‘I hate smoking’: Charley Hull talks about the habit she’d like to quit after viral moment at U.S. Women’s Open

LANCASTER, Pa. – Charley Hull was asked for an autograph on her way down to the driving range on Tuesday at the U.S. Women’s Open Championship. Nothing unordinary about that, except that the Englishwoman happened to be smoking a cigarette at the time. With her hands full, Hull kept the cigarette in her mouth as she scribbled away.’s Zephyr Melton was there to document the moment with his cell phone, and it quickly went viral.

“I find it quite funny, because I actually do go to the gym and I’m a very healthy person,” Hull told the media after a closing 3-under 67 at Lancaster Country Club. “I only smoke. I hardly drink. I don’t need to drink because, actually, I can have a fun time without it.

“Yeah, listen, my dad smokes 40 a day since he was 12 years old and now he’s 75, and my nephew smokes who is like 25. My whole family smokes, so it’s not something that I’ve noticed being odd. I hate smoking. I used to curse at my dad when I was younger for smoking, but I think it’s to do a little bit when I’m stressed.”

In fact, 28-year-old Hull said she only picked up smoking because she wanted to stop vaping. Not that vaping is any better of her, but she can’t smoke a cigarette indoors.

“When it’s a slow round on the golf course,” she said, “I smoke quite a few more than I should.

“But listen, I will stop soon. It’s just when.”

Hull, a two-time winner on the LPGA, has always been one of the great characters in the women’s game. Many fans became familiar with her for the first time at the 2013 Solheim Cup in Colorado when she beat Paula Creamer, 5 and 4, in singles play and then asked for her autograph for a mate back home. Hull was 17 at the time, the youngest player in Solheim history.

Last year, she finished runner-up to Allisen Corpuz at the U.S. Women’s Open at Pebble Beach and delivered one of the most memorable on-course moments on the 18th Sunday, when she took an aggressive line under a tree with a 3-wood in an attempt to reach the iconic green in two to put pressure on Corpuz.

“You know the saying, shy kids don’t get sweets?” Hull asked her caddie shortly before taking a mighty big swing.

Hull’s Solheim Cup partner Mel Reid told a great story on Golf Channel’s Live From broadcast earlier this week about the time Hull asked her caddie if he’d booked her a massage moments before converting a pivotal putt late in the match.

Reid said trying to get Hull where she needs to be during Solheim Cup week is like taming a wild animal. Hull, who as unofficially diagnosed with ADHD last season, said that’s an accurate description.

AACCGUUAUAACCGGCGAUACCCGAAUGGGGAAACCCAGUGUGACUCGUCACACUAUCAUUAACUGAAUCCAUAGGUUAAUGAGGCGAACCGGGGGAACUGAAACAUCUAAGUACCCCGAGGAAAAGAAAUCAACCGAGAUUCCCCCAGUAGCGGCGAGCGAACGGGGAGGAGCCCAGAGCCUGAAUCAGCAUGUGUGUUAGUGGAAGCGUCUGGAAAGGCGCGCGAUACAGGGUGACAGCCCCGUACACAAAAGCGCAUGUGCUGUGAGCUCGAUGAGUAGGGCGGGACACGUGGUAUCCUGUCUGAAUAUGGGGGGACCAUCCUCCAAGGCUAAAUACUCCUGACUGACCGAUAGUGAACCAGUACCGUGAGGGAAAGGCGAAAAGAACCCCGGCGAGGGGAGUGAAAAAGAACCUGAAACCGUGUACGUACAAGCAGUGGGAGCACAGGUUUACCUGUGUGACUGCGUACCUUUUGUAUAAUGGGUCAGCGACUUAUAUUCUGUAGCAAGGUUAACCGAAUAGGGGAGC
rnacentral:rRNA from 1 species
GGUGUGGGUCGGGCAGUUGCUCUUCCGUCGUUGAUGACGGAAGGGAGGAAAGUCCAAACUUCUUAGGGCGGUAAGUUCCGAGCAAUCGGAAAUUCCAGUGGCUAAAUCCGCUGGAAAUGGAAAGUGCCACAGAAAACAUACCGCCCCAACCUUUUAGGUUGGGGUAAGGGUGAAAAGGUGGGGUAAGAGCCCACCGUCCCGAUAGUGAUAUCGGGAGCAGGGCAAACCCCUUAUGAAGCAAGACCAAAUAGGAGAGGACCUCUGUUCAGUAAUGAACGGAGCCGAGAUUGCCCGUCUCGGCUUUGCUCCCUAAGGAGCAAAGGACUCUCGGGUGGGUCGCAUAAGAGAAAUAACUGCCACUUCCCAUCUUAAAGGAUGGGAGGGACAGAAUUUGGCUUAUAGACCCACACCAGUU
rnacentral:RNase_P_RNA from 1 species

“Literally all my friends always say I should have a TV show with what goes on in my life,” said Hull. “If you think I’ve got a lot of personality on the golf course, you should see what my life is like at home.”

Hull’s agent told her she’s gained around 70,000 followers this week from the cigarette video making the rounds. Hull put her Instagram account on her agent’s phone about four weeks ago and sends along photos and videos for her to post. With her addictive personality, Hulls said there’s too much wasted time scrolling.

2024 U.S. Women's Open
2024 U.S. Women's Open

Charley Hull prepares to hit her tee shot on the 10th hole during the first round of the 2024 U.S. Women’s Open. (Photo: John Jones-USA TODAY Sports)

“We’re just scratching the surface of her ability to be on a reality tv show,” said Reid, with a laugh. “She would thrive on ‘Love Island’, absolutely thrive, because could rip as many darts as she wants, she could swear, she could do whatever she wants, she can be outrageous. The world is her oyster in that kind of realm of entertainment.”

The crowds at Lancaster are among the best this championship has seen in the past 20 years, and they shouted Hull’s name all week.

“Someone said I’ve dropped something and then handed their phone number on a piece of paper in my hand,” she said, grinning. “He was like, here’s my number. Text me so we can figure out where I’m taking you out for dinner tonight. I never texted him obviously, but it was just so funny.”

When asked if she’d gotten more attention from one cigarette than any other week of her career, Hull laughed as she twirled her ponytail.

“I think I did, you know, I really think I did,” she said. “It was pretty crazy. Just one cigarette, it lit up.”

Story originally appeared on GolfWeek